For more than two years, citizens in Plymouth have been fighting a proposal by Xcel Energy to upgrade a high-voltage power line that runs through several residential neighborhoods.
But suddenly, the positions have reversed. Sort of.
Xcel wants to drop the idea, wipe the slate clean and start over to develop a less contentious alternative. But citizen groups are opposed — unless the utility promises not to come back with a similar proposal in the future.
The controversy is playing out in the west metro, where power lines built on farm land in the 1960s and ’70s are now surrounded by energy-hungry homes and businesses.
At issue in Plymouth has been an 8-mile stretch of power line owned by Great River Energy that Xcel wants to acquire and upgrade from 69 kilovolts to 115 kilovolts. The $23.1 million rebuild is called the Hollydale Project.
Xcel wanted to install the higher-capacity power line on 95-foot steel poles along an existing easement, replacing 75-foot wooden poles that have been there since 1971. It would also have constructed a mile of new line to connect to a new electric substation.
Kate McBride, who built her home along the power line route 20 years ago, said the existing line hasn’t been a problem, but building a higher-voltage transmission line “very much changes the equation.” Larger systems are “noisy, they’re aesthetically unpleasing, and they bring safety concerns and concerns about our property values,” she said.
Hundreds turn out for hearings
Several hundred residents have turned out for public hearings to oppose the project. They successfully lobbied their legislators to pass a law in 2013 requiring that state regulators — before approving any transmission line upgrade — must have “clear and convincing evidence” that the utility can’t achieve the same goals by improving distribution lines.
Transmission lines carry electricity from a power plant to substations, where the voltage is transformed so smaller distribution lines operating at lower voltage can carry power to homes and businesses.
Last month, nodding to citizen opposition, Xcel asked the Minnesota Public Utilities Commission for permission to withdraw the Hollydale proposal and start over. Xcel acknowledged that “feedback from our customers in the project area and other key stakeholders” showed that the utility’s preferred route was “very problematic,” and that it was best to begin anew to find a better alternative.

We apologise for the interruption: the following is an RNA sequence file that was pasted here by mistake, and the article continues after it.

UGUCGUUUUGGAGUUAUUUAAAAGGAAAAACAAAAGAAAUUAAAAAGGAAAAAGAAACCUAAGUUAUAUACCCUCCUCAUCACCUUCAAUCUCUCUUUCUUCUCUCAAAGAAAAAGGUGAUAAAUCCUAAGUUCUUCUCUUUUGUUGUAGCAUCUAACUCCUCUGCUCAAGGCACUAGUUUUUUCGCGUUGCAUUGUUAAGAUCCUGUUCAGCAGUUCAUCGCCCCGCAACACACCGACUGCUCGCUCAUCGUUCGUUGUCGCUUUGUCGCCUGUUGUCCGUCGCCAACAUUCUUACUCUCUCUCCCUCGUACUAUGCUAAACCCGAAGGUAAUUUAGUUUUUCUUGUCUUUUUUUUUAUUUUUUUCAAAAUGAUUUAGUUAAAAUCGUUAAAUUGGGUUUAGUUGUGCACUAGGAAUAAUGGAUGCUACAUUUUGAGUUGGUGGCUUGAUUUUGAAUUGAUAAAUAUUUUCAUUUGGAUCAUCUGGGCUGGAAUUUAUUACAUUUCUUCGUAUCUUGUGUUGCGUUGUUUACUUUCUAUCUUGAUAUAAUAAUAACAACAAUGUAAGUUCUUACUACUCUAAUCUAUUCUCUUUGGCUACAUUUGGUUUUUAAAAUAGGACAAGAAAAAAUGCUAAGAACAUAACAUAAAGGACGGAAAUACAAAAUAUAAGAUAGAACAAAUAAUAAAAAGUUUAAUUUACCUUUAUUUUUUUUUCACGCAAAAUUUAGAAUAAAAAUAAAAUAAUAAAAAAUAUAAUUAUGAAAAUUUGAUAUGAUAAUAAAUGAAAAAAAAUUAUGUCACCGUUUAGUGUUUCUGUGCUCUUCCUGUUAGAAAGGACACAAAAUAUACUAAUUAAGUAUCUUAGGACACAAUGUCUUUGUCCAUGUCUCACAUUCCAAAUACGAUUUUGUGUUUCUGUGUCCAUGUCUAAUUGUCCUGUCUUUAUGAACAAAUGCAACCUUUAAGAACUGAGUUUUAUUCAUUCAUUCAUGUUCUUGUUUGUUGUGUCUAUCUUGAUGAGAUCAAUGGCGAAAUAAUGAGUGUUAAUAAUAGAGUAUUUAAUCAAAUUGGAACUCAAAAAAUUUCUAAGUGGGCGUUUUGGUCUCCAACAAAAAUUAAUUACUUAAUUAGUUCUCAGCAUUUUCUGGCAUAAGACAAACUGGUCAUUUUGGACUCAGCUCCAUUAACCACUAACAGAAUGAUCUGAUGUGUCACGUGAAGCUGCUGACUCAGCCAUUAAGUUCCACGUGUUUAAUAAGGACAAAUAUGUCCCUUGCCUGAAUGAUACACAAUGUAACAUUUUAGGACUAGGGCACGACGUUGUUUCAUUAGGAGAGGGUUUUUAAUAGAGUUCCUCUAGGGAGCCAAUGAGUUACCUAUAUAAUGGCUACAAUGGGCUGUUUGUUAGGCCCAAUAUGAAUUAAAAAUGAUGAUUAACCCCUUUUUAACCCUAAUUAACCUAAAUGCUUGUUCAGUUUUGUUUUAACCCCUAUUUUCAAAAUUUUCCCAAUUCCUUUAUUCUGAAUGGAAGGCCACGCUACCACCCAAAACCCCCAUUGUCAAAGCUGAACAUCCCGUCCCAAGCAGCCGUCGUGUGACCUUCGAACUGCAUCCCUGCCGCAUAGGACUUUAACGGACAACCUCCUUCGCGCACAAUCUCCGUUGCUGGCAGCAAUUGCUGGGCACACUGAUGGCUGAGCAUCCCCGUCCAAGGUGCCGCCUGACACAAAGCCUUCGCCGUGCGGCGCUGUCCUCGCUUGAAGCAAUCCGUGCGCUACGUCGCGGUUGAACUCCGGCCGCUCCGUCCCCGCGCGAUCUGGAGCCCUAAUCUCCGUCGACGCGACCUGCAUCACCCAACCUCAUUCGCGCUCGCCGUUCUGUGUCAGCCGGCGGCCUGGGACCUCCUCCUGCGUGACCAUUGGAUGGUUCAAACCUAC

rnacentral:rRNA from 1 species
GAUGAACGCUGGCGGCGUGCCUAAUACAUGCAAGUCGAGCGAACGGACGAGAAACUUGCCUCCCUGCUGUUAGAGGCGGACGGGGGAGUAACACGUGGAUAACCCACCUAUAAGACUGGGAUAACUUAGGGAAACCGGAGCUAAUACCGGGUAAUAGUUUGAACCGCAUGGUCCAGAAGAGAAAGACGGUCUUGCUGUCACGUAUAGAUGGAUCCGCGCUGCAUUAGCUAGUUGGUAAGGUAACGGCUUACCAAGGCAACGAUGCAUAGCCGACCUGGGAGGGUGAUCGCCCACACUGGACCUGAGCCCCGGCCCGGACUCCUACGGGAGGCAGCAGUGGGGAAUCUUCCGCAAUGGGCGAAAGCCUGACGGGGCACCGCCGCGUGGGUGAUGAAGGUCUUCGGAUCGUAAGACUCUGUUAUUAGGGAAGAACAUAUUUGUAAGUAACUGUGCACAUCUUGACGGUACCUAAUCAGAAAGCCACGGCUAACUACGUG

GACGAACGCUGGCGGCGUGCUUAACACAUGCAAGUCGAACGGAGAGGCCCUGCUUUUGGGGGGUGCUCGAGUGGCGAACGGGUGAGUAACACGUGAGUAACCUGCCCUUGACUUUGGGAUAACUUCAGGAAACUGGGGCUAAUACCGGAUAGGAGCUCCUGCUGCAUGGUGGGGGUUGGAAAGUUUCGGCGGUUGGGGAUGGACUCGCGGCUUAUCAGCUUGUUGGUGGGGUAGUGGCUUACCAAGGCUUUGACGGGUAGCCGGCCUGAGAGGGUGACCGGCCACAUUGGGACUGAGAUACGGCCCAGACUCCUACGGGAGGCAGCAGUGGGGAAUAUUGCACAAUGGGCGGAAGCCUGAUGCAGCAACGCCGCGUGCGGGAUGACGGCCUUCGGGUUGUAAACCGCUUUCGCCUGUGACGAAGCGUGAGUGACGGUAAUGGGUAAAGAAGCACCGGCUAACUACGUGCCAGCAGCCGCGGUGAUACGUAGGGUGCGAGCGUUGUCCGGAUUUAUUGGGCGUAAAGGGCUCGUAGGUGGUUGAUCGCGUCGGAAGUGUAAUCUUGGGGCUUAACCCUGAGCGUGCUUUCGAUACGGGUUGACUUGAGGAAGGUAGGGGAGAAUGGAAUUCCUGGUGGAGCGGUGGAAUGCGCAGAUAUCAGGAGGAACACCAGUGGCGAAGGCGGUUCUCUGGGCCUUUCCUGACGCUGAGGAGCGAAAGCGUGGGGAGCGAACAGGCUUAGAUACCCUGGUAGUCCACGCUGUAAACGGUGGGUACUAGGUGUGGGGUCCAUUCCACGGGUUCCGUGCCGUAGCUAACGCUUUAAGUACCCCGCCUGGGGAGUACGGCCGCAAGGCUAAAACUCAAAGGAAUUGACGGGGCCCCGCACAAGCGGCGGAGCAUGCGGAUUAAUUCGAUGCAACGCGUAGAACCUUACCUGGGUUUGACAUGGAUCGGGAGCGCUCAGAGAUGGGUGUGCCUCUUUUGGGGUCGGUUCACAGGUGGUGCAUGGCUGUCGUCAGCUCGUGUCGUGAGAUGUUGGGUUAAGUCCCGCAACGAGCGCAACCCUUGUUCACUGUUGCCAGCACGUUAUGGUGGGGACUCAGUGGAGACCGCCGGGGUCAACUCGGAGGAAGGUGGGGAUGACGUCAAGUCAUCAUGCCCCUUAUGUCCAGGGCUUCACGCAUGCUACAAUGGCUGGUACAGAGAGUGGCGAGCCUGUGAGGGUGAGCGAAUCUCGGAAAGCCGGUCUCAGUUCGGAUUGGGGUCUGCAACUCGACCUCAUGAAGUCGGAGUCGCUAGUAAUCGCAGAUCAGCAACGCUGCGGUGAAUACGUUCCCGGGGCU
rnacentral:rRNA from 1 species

Citizens against the project are skeptical. They suspect that Xcel just wants to repackage the proposal and build a power line somewhere else in the community. Paula Maccabee, an attorney representing citizens in the Western Plymouth Neighborhood Alliance, said people fear that Xcel’s request for a do-over will mean that two years’ of work in compiling expert testimony and public comments against the power line will all need to be repeated.
“The community wants protection to be sure that Xcel does not come back with a different version of the same thing,” she said.
With that in mind, the citizens’ group has asked state regulators to allow Xcel to withdraw its initial plan only if the utility agrees to conditions: that it not propose a power line, and that the public record of citizen opposition be incorporated into any future proposal.
Jim Alders, Xcel’s strategy consultant, said the utility would not object to preserving the public record if it’s useful. “When everything’s said and done, we need to work with communities we serve to try and develop consensus,” he said.
But Alders said placing conditions on what the utility can or cannot propose in the future amounts to prejudging the outcomes, and a better approach would be to have all options on the table for discussion.
Alders said there remains a need for a stronger system in the west metro, because the lines were built four or five decades ago and the number of customers is outgrowing the utility’s capacity to provide reliable service.
“Conceivably you could keep adding and redesigning the distribution system to accommodate need,” he said. “But sooner or later you’re going to have to build something that provides a stronger source of power into the area.”
Xcel has advanced other transmission line proposals in the west metro, including an 11.4-mile stretch of new and upgraded line between eastern Carver and northern Scott counties that goes through downtown Chaska.
State to decide
Before Xcel can start over to come up with a different proposal in Plymouth, the utility needs state approval to withdraw its first project. The touchy question of whether to attach conditions to any new plan is now before the state Public Utilities Commission, with a public comment period deadline of Jan. 29.
The commission is unlikely to decide the matter until spring, and Alders said it’s not clear how long after that it will take for Xcel to come up with an alternate project.
For McBride, any proposal that contains a new or upgraded power line will not be acceptable.
“There is no immediate need for a high-voltage transmission line,” she said. “Maybe that day will never come because of new technology or new efforts at conservation. There’s no need to destroy the value and enjoyment of people’s homes.”